Interior Design with an Equine Twist
An interior designer offers tips for transferring your love of horses to your home décor.
Allison Griest |
July 11, 2014
Drowning in horsey clutter? A bit of imagination can turn an unorganized pile into tasteful equestrian décor.
One of the potentially exciting but often exhausting facts that comes with being a young professional is the need to move every few years. I’ve moved from Kentucky to Texas, from a suburb to the city, and now from one Houston location to another.
One thing that makes me smile, despite the annoying realities of packing, padding and stuffing boxes, is that I get to decorate a new space. While I definitely am not one to go out and buy a bunch of new things, I do enjoy deciding how I want to make my new house (or apartment) feel like home.
I have been pony-crazy since I was in kindergarten, but I realize that not everyone who comes to my home will share my affinity for horses. I want to have horses in my living space, but I don’t want my house to seem like a page out of The Saddle Club. (I have to remind myself – I am an adult.)
I keep seeing equestrian-inspired pieces in common culture. Beyond the fashion fad of riding boots and tight pants (meant to resemble breeches of course, minus the suede knee patches), store windows and magazine covers have hints of horsey inspiration.
I asked a friend of mine, Stacy Andell, about how to decorate with a sophisticated horsey flair. Stacy and her business partner Jill Egan have their own interior design company in Houston, Texas, Luxe Living Interiors.
"When I think of equestrian design or an equestrian-inspired space, I think classic, chic, sophisticated,” Stacy told me. "Horses are elegant.”
Stacy suggested displaying a simple pair of riding boots or a vintage saddle.
Alerts went off in my brain: I already do that! Except my boots are muddy and my saddle is on a metal saddle stand that doesn’t match anything else in my home.
I asked Stacy for a bit more guidance. My muddy tall boots and industrial saddle stand really qualify as clutter in my home right now, not equestrian décor.
Display your vintage or unused tack to give your home a western feel.
"To set a saddle, I would find either a minimal side table or a pedestal that you might use to display a sculpture,” Stacy explained. "You want to make it prominent. Like a sculpture, it’s a piece of art.”
As we chatted, she brought up Ralph Lauren. I love Ralph Lauren. I played polo at Texas Tech for one year, and I remember being so excited to buy a Ralph Lauren button-down shirt with the polo emblem because I was actually playing the sport!
Of course, Ralph Lauren markets to an audience that is not required to play polo. Similarly, Ralph Lauren makes décor that brings in equestrian elements.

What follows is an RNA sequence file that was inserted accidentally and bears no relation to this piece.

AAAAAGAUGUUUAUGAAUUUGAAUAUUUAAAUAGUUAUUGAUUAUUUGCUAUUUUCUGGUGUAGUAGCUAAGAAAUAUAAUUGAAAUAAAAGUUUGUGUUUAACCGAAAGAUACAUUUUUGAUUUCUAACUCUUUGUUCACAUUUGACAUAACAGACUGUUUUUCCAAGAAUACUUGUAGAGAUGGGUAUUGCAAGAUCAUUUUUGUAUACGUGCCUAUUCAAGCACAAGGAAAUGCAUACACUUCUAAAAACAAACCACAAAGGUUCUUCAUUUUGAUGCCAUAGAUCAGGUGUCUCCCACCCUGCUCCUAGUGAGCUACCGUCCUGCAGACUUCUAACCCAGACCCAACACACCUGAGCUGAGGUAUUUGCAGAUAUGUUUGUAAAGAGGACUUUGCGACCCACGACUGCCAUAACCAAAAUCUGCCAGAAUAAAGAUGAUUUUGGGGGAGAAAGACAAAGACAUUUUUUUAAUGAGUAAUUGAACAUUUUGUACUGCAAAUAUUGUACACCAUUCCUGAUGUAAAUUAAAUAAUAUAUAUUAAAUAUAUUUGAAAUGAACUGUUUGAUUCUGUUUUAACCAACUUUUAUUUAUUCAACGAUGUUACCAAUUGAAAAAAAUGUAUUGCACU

"I recently saw a Ralph Lauren polished nickel stirrup lamp,” Stacy mentioned. "It’s a clean, contemporary design but it lends itself to the spirit of a horse.”
Click here for one of the many websites that sells the lamp.
Stacy also had great ideas for decorating the walls with an equestrian vision. She suggested I hang old horse show ribbons in a shadow box or mount them on the wall in an interesting way.
As a nostalgic horse show girl, I do love to look at my ribbons. I like the shadow box idea. It will require me to pick a few specific ribbons rather than an entire string of them, but I think I can make the selections.
One of Stacy’s personal favorite ideas is to frame a scarf with an equestrian print. For example, Hermès, which does makes actual equestrian supplies, also makes jewelry, scarves and more.
Hermès has several different scarf patterns. Even from this page on their website, I can’t decide which one I would want.
I can definitely see Stacy’s idea being a really neat reality. A framed, equestrian-inspired scarf is a much more refined wall accessory than my favorite picture from last year’s horse calendar that is currently taped to the wall.
Your own ribbons, photos and mementos can become a unique, personalized decoration.
Sometimes I open an interior design magazine and feel completely overwhelmed. There’s a reason I’m not an interior designer. Stacy’s simple suggestions give me hope that I can bring in horsey elements into my home décor in a way that is unique to me.
I move in a couple months, and my brain has countless ideas for new ways to decorate using some of the things I already have. Maybe I’ll pick up a couple new things to change things up a bit. I’ll start with a different saddle stand.
Learn more about Stacy’s work at www.luxelivinginteriors.com.
Liked this article? Here's more on equestrian decorating:
11 Ways to Show off Your Horse Show Ribbons
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Interior Design with an Equine Twist